Mimi Sheller’s ‘Caribbean Futures In The Offshore Anthropocene’

Introduction by
Natalie Oswin

The devastating impacts of Hurricanes Irma and Maria across the Caribbean (especially in Barbuda, Dominica, Puerto Rico, St Martin/St Maarten, and parts of the British and US Virgin Islands) are haunting harbingers of a world of climate disaster, halting recovery, and impossible futures.

Abstract: The devastating impacts of Hurricanes Irma and Maria across the Caribbean (especially in Barbuda, Dominica, Puerto Rico, St Martin/St Maarten, and parts of the British and US Virgin Islands) are haunting harbingers of a world of climate disaster, halting recovery, and impossible futures. Being at the leading edge of the global capitalist exploitation of people and other living and non-living beings in a world-spanning system of vast inequity and severe injustice, Caribbean thinkers, writers, poets, philosophers, activists, and artists have long lived with, dwelt upon, and offered answers to the problem of being human after Man, as Sylvia Wynter puts it. This reflection on island futuring and defuturing offers a critical analysis of Caribbean “disaster recovery” and “climate adaptation” based on an understanding of the disjuncture between three uneven spatio-temporal realities: (1) the decelerating “islanding effects” of debt, foreign aid, and austerity; (2) the accelerating mobilities of the “offshore” and extended operational landscapes of “planetary urbanization”; and (3) the durational im/mobilities of Amerindian survival, Maroon escape, and Black/Indigenous cultural endurance of alternative ontologies.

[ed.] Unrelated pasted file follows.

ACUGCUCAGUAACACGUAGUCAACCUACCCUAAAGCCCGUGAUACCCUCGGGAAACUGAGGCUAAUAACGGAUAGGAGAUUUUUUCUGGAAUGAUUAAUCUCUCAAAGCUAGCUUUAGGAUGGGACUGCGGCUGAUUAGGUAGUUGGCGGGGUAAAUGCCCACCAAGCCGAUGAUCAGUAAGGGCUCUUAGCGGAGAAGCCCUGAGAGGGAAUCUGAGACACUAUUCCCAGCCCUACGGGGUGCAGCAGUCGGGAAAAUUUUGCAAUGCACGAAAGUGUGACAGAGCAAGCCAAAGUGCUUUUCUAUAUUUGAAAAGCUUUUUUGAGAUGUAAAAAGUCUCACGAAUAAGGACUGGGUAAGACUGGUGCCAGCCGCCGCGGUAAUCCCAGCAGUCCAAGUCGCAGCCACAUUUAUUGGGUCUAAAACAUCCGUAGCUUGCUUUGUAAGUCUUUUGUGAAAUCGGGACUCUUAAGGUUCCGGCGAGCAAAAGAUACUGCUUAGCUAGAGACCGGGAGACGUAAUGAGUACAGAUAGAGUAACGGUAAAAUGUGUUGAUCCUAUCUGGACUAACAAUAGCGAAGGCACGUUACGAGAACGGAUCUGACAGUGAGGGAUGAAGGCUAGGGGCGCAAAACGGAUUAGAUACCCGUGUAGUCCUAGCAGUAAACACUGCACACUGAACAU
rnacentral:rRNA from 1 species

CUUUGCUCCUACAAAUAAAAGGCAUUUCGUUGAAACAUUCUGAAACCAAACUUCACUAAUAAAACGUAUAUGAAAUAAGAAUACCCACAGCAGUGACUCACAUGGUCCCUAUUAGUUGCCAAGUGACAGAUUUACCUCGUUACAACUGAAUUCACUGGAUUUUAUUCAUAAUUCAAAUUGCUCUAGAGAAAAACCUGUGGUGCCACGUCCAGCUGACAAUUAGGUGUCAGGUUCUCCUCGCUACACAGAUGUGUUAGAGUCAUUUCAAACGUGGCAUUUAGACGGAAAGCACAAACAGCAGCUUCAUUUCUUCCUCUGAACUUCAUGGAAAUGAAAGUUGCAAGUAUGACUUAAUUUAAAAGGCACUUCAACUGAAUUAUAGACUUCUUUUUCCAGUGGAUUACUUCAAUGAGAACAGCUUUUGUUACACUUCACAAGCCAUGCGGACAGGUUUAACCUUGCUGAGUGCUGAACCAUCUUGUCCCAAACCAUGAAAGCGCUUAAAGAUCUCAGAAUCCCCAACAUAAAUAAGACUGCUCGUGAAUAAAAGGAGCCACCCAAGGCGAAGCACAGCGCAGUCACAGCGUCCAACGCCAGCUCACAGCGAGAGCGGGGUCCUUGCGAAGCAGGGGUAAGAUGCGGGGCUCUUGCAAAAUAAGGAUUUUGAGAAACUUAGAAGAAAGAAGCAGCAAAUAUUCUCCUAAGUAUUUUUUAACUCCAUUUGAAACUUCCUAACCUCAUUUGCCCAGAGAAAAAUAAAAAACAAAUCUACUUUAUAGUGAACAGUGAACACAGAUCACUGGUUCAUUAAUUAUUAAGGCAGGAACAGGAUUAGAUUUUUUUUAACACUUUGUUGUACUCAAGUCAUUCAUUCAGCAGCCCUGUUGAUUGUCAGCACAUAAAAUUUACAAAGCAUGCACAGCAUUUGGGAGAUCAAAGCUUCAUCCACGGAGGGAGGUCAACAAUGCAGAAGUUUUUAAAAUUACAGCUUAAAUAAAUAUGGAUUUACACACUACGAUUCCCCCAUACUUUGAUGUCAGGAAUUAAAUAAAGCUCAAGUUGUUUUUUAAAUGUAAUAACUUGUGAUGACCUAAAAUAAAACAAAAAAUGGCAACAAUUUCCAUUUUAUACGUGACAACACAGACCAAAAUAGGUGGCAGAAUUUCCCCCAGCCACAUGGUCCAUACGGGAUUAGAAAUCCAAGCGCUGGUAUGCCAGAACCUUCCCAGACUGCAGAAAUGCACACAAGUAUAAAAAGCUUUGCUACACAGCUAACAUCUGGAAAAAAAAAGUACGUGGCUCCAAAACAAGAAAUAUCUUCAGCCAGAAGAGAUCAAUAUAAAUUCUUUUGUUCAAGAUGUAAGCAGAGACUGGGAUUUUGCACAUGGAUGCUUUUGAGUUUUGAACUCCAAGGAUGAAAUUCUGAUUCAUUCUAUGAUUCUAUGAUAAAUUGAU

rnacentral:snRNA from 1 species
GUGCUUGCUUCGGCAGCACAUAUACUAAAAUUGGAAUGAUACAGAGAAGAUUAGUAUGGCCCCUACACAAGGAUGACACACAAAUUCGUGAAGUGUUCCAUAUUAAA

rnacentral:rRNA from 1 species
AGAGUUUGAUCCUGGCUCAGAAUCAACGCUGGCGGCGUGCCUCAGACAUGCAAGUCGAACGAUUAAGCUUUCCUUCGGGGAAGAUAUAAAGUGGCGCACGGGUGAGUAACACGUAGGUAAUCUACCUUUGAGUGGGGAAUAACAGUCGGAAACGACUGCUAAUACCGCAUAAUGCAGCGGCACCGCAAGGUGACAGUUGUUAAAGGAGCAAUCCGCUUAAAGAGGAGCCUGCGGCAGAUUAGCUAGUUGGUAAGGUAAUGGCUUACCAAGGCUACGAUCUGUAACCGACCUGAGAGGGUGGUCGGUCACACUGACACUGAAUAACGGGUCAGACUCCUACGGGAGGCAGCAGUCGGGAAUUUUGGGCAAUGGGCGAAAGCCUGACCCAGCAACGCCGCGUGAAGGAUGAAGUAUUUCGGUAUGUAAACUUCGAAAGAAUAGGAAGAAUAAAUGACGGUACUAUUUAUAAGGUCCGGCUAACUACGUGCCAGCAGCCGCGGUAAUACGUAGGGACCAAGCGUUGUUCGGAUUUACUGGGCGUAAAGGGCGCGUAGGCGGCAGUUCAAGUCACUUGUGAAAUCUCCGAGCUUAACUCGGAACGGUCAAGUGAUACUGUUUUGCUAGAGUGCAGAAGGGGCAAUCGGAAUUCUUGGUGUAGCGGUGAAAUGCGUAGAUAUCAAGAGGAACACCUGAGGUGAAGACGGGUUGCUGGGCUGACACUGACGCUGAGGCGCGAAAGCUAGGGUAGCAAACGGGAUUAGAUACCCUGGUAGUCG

Here, we are fortunate to be able to publish responses from the three scholars who acted as respondents during the AAG session – Sharlene Mollett, Beverley Mullings, and Marion Werner – along with a reply from the author.

Thank you to all involved for this wide-ranging discussion of climate change, the Caribbean, colonial capitalism, mobilities, the politics of knowledge production, and more.

essays in this forum

More Than Past Slaves And Labor: Complicating Climate Change Vulnerability In The Name Of Caribbean Futures

Caribbean Futures in the Offshore Anthropocene: Debt, Disaster, and Duration offers a stark and urgent analysis on the entanglement of debt and disaster, affirming both the “unnatural” consequences of “natural disasters” and how influential place histories are to recovery, mobility and future possibilities.

Caribbean Futures In The Offshore Anthropocene: Debt, Disaster, And Duration

Mimi Sheller asks the daunting question: ‘What kinds of human, non-human, and island futures can exist here?’ It is a question that has continued to be asked from the dawn of capitalism and the earliest moments of the European presence in the Caribbean. Expressed in the anxieties of early colonial settlers who viewed a corrupted future as the only kind that could be had in this space, the people of this region have always had to fight against the coloniality of extraction and abandonment.

The Archipelago And Politics Of Possibility

Mimi Sheller’s work offers a lucid synthesis of diverse literatures to reckon with the Caribbean’s centrality to – and silencing within – our understanding of Western modernity and its signal, if not terminal, crisis, climate change. Her Society & Space essay, ‘Caribbean Futures,’ deftly constructs a mobilities grammar to reframe Caribbean disaster narratives on terms that demand engagement with the region’s colonial legacies and enduring racial formations, as well as alternatives drawing upon Caribbean emancipatory thought and practice.

Climates Of Coloniality And The Coloniality Of Climates: A Response

I want to thank Sharlene Mollett, Beverley Mullings, and Marion Werner for their incredibly generous, generative responses to my paper on “Caribbean Futures,” as well as their important critical interventions. Here I want to respond to what I consider the key points made in each of their responses, which I believe are crucial questions not only for Caribbean geography, but also for all geographers to consider.